Nepal Earthquake – A physiotherapy student’s perspective: Part I
The 7.8 magnitude earthquake in Nepal on 25th April, 2015, 11:56 am local time, left more than 8,000 dead, 19,000 injured and those who managed to escape unscratched are traumatized to say the least. Two hundred and eighty nine aftershocks of magnitude ≥4 ML followed (until May 29, 2015) with an aftershock of 7.2 magnitude on 12th May, 2015. Despite predicted high risk of seismic activity, Nepalese were not prepared for this event. So when the quake hit, it was a disaster in its true form. Houses built with sweat and hard earned money, educational and governmental institutions, as well as historical monuments turned into heaps of rubble. Humans and cattle alike were buried in the debris, with those alive crying out for help.
The downpour and landslides that accompanied made rescue efforts sluggish. Medical help was inaccessible. The hospitals that operated were under equipped for the overwhelming number of victims that followed. People spent the nights out in the open without tarps or tents drenched in the rain. Videos of people eating their dead cattle became public. Black-marketing flourished, there were concerns for spread of communicable diseases. The country was in a state of shock and mourning.
Imagine how it feels to have lost everything you hold dear within a matter of seconds. Your home, the sanctuary where you make memories with your loved ones, is the reason you fear for your life. It is the reason you had to bury your child, or mother or father or sister or spouse. What do you do when the ground beneath you rumbles and shakes and the sky above you thunders with equal ferocity? Where are you “safe”?
I cried along watching the interview of a mother who had lost her son during the collapse of Dharahara, a nine storey tower, when she said “I know my son is dead. I have no hopes of finding him alive. But please help me find my son’s dead body so that I can cremate him. Help me find him.”
At Dhulikhel Hospital, where I volunteered as a student, I saw caregivers sobbing hiding their faces from their children, heard the victims, who sustained injuries saying “I asked them not to rescue me..... I asked them to let me die .. But they didn’t listen to me and now I’m here. What do I have to live for? I have nothing left. I wish I was dead.” Those who didn’t have to endure loss of a loved ones, feared losing their home, the only physical representation of what they had achieved all their life.
Those who survived are scarred and scared. Till date loud noises scare people and make them flee the scene. People in the hard hit districts are scared of the helicopters that have been assigned to rescue people and bring relief materials. The words “aayo aayo” (it has come, it has come) makes everyone’s heart jump, whatever may the “it” be referring to. When the major aftershock of May 12 hit, there were patients with fractured spine and limbs who ran out of the hospital building and jumped off the windows. We also witnessed a mother throwing her two month old child out the window so that the child survives. Even now after 5 weeks of the first earthquake, people still dread sleeping in houses, even if they are architecturally safe.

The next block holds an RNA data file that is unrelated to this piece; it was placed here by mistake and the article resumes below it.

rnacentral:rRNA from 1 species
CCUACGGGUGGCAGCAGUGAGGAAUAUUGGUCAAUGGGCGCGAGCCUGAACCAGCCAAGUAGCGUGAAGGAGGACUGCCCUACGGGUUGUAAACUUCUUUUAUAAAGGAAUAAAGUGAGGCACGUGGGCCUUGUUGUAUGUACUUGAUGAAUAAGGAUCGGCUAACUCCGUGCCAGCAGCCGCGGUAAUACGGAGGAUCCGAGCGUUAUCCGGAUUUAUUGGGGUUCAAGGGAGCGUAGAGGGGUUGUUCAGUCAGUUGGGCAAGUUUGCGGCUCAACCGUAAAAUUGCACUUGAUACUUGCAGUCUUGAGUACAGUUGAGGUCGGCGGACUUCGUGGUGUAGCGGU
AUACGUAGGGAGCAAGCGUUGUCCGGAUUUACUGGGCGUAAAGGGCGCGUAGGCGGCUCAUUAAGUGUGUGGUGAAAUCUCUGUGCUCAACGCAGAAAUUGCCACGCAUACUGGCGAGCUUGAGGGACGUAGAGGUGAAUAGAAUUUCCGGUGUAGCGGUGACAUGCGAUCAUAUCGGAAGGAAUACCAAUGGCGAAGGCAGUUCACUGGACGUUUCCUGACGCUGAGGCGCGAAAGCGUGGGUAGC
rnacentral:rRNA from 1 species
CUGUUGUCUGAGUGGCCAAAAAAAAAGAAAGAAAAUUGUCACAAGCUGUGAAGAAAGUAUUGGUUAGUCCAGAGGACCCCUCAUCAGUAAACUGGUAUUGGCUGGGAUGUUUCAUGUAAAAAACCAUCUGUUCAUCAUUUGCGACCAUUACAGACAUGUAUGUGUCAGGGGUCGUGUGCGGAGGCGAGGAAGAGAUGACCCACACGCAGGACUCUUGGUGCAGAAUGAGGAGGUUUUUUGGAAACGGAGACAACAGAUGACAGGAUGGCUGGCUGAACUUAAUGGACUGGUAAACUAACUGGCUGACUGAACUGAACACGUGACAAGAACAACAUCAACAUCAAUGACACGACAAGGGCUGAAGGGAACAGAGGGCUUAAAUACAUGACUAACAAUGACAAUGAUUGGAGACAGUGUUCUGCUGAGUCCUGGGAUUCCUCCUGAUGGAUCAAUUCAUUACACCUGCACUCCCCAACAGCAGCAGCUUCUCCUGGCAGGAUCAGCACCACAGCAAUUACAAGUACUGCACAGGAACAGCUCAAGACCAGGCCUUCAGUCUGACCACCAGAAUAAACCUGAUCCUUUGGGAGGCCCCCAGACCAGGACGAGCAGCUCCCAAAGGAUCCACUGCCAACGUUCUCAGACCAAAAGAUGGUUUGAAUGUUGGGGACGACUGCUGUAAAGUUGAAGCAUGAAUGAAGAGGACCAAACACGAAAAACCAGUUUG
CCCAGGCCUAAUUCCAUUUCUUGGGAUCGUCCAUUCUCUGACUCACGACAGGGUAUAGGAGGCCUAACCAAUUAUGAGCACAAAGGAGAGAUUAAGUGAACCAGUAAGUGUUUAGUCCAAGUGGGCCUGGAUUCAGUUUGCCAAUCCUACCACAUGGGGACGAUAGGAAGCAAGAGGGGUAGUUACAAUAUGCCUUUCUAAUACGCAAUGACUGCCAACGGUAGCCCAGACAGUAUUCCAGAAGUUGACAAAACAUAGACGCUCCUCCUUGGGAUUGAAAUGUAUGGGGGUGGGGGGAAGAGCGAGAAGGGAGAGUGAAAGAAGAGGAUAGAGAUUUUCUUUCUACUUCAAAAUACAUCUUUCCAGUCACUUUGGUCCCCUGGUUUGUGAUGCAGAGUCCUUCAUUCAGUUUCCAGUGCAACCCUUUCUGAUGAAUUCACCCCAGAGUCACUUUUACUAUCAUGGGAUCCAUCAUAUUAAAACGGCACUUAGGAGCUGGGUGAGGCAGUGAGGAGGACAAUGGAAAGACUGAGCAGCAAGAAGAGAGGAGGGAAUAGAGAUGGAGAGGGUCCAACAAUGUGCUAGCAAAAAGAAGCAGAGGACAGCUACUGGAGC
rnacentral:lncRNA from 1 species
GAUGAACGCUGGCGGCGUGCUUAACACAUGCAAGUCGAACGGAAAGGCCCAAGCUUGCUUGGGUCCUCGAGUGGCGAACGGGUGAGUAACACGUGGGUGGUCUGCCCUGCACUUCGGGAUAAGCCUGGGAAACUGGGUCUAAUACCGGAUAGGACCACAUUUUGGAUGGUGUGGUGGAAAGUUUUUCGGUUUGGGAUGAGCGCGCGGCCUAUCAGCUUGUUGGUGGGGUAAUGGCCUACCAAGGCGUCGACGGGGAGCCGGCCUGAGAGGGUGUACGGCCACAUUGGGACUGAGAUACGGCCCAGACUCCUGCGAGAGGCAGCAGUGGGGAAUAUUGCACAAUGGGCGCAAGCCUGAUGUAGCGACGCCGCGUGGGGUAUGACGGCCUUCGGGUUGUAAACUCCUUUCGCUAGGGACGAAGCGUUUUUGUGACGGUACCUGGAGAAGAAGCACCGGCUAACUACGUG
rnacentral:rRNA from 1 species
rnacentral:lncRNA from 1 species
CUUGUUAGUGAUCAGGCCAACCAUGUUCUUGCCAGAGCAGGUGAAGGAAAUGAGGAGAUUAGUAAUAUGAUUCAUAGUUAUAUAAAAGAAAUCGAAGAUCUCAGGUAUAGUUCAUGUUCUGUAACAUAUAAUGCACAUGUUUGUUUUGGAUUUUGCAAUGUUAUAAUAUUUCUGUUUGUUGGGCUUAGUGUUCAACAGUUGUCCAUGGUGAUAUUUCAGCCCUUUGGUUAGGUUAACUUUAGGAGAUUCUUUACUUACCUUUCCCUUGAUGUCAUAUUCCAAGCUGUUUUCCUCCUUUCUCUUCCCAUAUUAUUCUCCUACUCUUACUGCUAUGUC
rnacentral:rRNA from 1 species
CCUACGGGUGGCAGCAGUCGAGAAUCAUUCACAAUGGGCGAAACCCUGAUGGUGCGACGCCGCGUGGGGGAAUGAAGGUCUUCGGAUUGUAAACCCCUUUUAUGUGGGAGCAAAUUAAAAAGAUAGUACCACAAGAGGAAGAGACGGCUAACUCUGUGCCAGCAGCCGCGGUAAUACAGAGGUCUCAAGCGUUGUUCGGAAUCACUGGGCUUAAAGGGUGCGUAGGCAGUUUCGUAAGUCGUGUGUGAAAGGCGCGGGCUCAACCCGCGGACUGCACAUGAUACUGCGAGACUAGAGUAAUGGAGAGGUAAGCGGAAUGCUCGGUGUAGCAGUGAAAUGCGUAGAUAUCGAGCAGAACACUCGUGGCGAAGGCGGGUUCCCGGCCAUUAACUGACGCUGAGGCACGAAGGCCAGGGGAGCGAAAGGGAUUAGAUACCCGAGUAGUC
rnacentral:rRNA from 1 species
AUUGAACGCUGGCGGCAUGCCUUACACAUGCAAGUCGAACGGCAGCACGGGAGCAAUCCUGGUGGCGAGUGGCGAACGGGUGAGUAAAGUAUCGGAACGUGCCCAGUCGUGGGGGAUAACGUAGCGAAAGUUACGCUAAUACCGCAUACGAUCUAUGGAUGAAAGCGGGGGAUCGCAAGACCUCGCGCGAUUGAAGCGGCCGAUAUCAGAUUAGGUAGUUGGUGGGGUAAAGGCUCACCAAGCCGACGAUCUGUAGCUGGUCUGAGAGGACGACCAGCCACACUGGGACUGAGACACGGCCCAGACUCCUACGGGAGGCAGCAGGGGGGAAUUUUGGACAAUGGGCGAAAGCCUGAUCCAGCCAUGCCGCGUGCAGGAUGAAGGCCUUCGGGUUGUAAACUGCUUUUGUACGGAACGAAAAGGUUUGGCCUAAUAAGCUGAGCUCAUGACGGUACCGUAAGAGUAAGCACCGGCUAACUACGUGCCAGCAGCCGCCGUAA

Potential consequences of the disaster: Instances of robberies and rapes have been reported. There is increasing risk of spread of communicable diseases and landslides with the monsoon approaching. Post-traumatic stress disorders is expected to be common among many. Nightmares of earthquake continue to haunt and wake up children and adults from their sleep.
Where do we go from here?
Victims who have had a successful treatment of their physical problems refuse to leave the hospital because they have don’t have a home to return to. Did we really treat their psychological and social problems? Where does biopsychosocial model stand in acute management of a disaster?
Preparedness is the key to coping-
When the second large aftershock on 12th May shook us, I realized most of us were psychologically prepared. A remarkable example was shown by Dhulikhel hospital which was ready to receive and treat new patients within 15 minutes of the scary tremor, and all the admitted patients were moved to open locations within an hour. This knowledge we now have regarding how to handle disasters needs to be passed on, to the current as well as the future generations.
Earthquakes cannot be prevented, but the extent of damage can. People need to be alert and put their knowledge about safety measures to use. With the possibilities of future seismic activities it would help us sleep better at night if there are steps taken to ensure safety. Buildings deemed unsafe should be demolished. Residential homes, health centers, schools and other infrastructures that pass safety recommendations should be established. Every VDC or municipality should have a depository with emergency relief materials based on the population, and workshops should be conducted routinely to remind people of the destruction we faced. We have a prospect for a better future.
“We have a chance to re-build Nepal brick by brick. We will rise again.”
This post is written by Anupa Pathak. Anupa is a third year undergraduate physiotherapy student at Kathmandu University School of Medical Sciences, Dhulikhel Nepal.
Contact Anupa: firstname.lastname@example.org